Optional law variations for rugby’s community game

Date published: November 30 2021 - Planet Rugby

Several optional law changes for rugby union’s community game, ranging from weight-banded matches to pitch size, have been announced by World Rugby.

The governing body confirmed that these changes can be implemented by national unions from January 2022.

Modified contact, lowered tackle height, game duration and flexibility in number of players per team are other areas which are included as part of World Rugby’s Game on Global.

Implementation of the law variations at grassroots level will be centrally monitored and a global research project will provide an evaluation of the impacts with regard to injury-prevention and overall participation impact.

World Rugby chairman Sir Bill Beaumont said: “The community game is the heart and soul of our sport, it is the foundation upon which our house is built and today represents a landmark for rugby around the globe with the introduction of optional community law variations for our national member unions.

Happy with survey’s results

“I am delighted that today’s tangible outcomes were borne out of an initial survey that received more than 1,800 respondents from around the world and builds upon existing models in England, New Zealand and Wales.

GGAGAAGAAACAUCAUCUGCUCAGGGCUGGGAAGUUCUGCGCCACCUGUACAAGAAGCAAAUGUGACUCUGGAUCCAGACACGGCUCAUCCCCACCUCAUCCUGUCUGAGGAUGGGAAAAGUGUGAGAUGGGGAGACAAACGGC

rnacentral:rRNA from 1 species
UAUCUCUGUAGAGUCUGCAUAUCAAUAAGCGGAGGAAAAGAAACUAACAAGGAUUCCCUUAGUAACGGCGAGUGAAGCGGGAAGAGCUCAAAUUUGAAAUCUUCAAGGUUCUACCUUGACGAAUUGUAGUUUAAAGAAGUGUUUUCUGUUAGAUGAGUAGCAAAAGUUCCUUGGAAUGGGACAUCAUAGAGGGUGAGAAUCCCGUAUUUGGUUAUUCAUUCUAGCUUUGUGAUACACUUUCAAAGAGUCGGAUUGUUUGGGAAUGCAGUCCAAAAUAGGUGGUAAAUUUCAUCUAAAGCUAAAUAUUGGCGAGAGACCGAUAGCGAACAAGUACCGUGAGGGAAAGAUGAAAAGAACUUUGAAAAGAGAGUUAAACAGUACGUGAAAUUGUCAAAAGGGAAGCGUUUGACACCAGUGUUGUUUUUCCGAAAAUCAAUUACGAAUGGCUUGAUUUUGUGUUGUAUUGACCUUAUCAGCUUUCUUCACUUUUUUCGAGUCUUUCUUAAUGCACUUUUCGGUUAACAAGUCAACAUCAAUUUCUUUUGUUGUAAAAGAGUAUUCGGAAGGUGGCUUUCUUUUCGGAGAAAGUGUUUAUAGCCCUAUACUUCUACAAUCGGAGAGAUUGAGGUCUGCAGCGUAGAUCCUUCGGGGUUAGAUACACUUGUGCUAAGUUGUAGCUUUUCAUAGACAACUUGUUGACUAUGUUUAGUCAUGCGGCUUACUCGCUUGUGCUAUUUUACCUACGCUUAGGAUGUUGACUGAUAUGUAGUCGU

“The law amendments are a key element of our long-term objective to make the game more accessible, more sustainable, safer and available to all across the globe.”

Rugby Football Union development director Steve Grainger, who is part of the community laws flexibility working group, added: “As Covid emerged, we moved quickly to introduce law adaptations and Game On principles, keeping players engaged by allowing different formats of the game.

“We received lots of helpful feedback from players, coaches and match officials and have enjoyed working with World Rugby to share and build on these learnings.

“The Game on Global law variations provide an exciting opportunity to offer different game formats that will allow us to attract and retain players who want different rugby experiences beyond the full contact game.

“The health, well-being and social benefits associated with playing rugby are widely recognised, and we are delighted that these law variations will enable more people to enjoy the benefits of participating in rugby in different formats and levels of the game.”